34

Doskey works in modern versions of Windows for setting aliases for single commands, e.g. doskey foo=bar.

There's a slight problem trying to use it for compound commands like doskey foo=bar & baz since this gets interpreted as (doskey foo=bar) & baz. The obvious fix would be to add explicit parentheses, doskey foo=(bar & baz) but for some reason this doesn't work, and doskey foo="bar & baz" doesn't work either.

Is there any way of doing this?

41

Escape the ampersand.

foo=bar ^& baz
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20

Use $T to separate commands:

doskey foo=bar $T baz
doskey cpdel=copy $1 $2 $T del $1

from doskey /?:

$T     Command separator.  Allows multiple commands in a macro.
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8

to add to the previous answers, you can also do this:

mybatfile.cmd

    doskey /macrofile=aliases.txt

aliases.txt

    foo=bar & baz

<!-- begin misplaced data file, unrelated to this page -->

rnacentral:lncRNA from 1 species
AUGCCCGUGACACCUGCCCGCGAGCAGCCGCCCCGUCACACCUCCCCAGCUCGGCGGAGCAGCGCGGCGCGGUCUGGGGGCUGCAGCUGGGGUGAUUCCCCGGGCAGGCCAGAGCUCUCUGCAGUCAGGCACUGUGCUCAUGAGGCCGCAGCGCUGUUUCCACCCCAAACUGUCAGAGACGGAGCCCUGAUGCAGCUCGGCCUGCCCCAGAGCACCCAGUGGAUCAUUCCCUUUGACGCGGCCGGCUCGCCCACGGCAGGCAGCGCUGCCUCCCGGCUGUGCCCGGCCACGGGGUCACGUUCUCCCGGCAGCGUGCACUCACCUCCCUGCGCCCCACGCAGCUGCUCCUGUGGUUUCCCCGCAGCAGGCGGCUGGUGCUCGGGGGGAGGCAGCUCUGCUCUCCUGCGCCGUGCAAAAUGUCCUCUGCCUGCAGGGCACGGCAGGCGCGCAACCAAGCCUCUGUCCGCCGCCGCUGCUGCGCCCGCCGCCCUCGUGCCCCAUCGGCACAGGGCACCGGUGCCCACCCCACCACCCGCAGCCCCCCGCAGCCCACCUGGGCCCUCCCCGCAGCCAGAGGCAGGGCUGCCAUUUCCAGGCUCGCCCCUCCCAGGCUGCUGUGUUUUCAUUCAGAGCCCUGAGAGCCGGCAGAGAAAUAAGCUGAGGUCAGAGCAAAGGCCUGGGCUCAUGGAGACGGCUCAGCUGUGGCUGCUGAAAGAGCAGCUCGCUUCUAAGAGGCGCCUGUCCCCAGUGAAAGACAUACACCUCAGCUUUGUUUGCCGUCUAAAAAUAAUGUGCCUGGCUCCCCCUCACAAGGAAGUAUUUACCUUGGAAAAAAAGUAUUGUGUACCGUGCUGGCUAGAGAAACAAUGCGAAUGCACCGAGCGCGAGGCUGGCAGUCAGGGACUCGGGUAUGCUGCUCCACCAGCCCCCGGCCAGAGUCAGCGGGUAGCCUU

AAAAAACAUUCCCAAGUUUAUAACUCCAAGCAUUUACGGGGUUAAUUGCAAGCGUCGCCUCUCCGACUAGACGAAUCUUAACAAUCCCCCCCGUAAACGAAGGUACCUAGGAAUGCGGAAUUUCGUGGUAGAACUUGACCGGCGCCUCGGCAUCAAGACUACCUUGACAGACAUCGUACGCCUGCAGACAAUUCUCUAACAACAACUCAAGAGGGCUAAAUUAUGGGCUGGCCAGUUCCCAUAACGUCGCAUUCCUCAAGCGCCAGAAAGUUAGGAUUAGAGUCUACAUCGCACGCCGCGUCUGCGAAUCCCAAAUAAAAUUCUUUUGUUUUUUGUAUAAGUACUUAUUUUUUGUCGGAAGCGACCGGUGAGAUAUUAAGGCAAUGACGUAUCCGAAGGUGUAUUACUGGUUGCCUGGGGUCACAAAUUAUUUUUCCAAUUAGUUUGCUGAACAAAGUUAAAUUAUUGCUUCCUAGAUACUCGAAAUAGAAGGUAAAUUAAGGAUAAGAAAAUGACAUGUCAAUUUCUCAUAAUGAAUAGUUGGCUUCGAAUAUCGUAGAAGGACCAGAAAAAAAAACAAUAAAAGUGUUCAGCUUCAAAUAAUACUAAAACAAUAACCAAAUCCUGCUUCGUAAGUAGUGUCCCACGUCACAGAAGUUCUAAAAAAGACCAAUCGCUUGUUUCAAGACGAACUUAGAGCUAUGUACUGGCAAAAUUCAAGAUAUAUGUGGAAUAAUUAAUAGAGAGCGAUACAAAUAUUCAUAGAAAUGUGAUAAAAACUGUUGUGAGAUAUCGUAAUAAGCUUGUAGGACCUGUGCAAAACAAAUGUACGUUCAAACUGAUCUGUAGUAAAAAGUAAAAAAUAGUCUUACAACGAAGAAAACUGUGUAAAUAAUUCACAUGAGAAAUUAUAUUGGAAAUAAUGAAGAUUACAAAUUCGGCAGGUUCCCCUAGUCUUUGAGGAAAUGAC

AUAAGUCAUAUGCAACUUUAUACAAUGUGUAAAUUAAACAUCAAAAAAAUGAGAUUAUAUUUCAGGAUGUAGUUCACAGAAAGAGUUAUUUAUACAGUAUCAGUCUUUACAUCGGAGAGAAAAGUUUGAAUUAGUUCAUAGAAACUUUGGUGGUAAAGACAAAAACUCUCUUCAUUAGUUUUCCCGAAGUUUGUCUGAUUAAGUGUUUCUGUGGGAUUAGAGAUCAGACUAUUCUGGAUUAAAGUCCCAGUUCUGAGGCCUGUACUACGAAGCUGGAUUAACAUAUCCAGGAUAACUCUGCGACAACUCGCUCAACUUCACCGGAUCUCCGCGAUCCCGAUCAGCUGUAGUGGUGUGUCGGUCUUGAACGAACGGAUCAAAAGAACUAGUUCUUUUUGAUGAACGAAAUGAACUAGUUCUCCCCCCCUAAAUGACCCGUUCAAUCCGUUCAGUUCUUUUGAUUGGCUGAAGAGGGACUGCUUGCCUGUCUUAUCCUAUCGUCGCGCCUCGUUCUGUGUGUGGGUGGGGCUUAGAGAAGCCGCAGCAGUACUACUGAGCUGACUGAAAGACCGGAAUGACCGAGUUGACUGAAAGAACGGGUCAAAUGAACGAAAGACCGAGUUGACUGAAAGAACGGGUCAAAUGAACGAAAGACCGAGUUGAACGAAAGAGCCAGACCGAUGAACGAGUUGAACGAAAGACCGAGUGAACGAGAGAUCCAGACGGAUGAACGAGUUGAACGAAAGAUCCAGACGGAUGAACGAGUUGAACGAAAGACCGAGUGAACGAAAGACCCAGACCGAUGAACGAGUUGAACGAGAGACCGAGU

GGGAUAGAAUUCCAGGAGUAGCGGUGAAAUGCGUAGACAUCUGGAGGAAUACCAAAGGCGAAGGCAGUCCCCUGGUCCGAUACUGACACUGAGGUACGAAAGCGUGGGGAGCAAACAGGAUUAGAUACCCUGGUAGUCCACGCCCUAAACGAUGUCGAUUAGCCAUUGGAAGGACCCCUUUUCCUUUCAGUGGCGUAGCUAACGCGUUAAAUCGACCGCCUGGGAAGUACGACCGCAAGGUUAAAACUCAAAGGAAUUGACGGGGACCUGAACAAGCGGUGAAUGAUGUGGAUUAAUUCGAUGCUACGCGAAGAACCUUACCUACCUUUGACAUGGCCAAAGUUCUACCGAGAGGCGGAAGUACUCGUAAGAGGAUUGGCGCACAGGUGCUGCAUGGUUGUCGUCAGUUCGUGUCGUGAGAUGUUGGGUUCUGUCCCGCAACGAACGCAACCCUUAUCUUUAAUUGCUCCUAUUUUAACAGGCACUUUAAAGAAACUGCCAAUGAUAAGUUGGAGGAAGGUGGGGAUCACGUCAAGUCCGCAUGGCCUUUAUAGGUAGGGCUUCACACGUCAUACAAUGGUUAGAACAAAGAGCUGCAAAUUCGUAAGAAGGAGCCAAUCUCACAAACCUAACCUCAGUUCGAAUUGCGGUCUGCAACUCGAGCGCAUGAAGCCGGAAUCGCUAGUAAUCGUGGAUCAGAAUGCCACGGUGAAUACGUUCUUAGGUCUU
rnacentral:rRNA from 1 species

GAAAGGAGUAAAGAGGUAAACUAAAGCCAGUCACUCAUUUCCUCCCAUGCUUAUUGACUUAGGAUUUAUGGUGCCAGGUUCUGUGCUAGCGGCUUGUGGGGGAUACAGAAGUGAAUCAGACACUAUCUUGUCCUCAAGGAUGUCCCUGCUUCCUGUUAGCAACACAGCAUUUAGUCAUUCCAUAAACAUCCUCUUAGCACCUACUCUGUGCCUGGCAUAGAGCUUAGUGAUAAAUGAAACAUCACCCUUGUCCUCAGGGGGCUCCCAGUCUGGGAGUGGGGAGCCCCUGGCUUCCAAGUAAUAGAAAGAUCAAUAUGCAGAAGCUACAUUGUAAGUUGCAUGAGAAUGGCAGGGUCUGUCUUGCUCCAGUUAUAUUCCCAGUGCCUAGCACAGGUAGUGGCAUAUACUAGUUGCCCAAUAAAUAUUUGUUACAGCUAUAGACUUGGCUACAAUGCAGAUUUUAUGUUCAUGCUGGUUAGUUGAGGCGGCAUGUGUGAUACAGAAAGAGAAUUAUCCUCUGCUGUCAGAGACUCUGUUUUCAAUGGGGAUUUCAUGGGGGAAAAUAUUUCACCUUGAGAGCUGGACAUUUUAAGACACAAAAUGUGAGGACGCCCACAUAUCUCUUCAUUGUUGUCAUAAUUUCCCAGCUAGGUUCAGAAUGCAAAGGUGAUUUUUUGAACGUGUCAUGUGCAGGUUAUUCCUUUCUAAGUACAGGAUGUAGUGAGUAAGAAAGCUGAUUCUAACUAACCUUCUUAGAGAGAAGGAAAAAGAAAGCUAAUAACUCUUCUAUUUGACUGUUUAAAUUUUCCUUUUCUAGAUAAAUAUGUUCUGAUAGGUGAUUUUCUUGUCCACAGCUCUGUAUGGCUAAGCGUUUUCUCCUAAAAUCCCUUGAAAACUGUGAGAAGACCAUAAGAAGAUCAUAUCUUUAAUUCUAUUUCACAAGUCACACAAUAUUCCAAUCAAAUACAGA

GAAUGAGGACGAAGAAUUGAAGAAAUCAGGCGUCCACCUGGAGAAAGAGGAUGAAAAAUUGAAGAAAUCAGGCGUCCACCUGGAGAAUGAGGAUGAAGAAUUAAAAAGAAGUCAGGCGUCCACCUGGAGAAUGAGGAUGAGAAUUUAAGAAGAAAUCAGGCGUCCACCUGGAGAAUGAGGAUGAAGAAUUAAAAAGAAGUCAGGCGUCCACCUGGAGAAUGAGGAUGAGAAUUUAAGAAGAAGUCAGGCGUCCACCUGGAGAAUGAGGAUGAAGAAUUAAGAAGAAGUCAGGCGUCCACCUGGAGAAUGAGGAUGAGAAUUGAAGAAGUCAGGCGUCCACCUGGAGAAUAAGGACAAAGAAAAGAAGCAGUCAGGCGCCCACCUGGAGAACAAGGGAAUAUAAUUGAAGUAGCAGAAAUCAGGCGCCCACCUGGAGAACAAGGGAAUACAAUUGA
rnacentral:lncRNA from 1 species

cpdel=copy $1 $2 $T del $1
    cc=echo|set /p=$*|clip

note that in the macrofile, there is no need to escape pipe/ampersand and you can define multiple aliases in one call.

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7

To (somewhat) add on to Dennis Williamson's answer, you can also escape the pipe character in order to pipe commands! For example, I wanted a command that copies stuff to the clipboard. Due to the way COPY will interpret it, you need to do a goofy looking command for it to actually copy the text you specify without it being followed by a newline.

In order to define a macro for copying to the clipboard, you can escape the pipe with ^:

doskey cc=echo^|set /p=$*^|clip

Upon execution of the command cc hey, you will now have hey copied to the clipboard!

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  • I was also wondering how to prevent the copy of the newline character! Thanks. – Alex Vallejo Jan 30 '18 at 1:44

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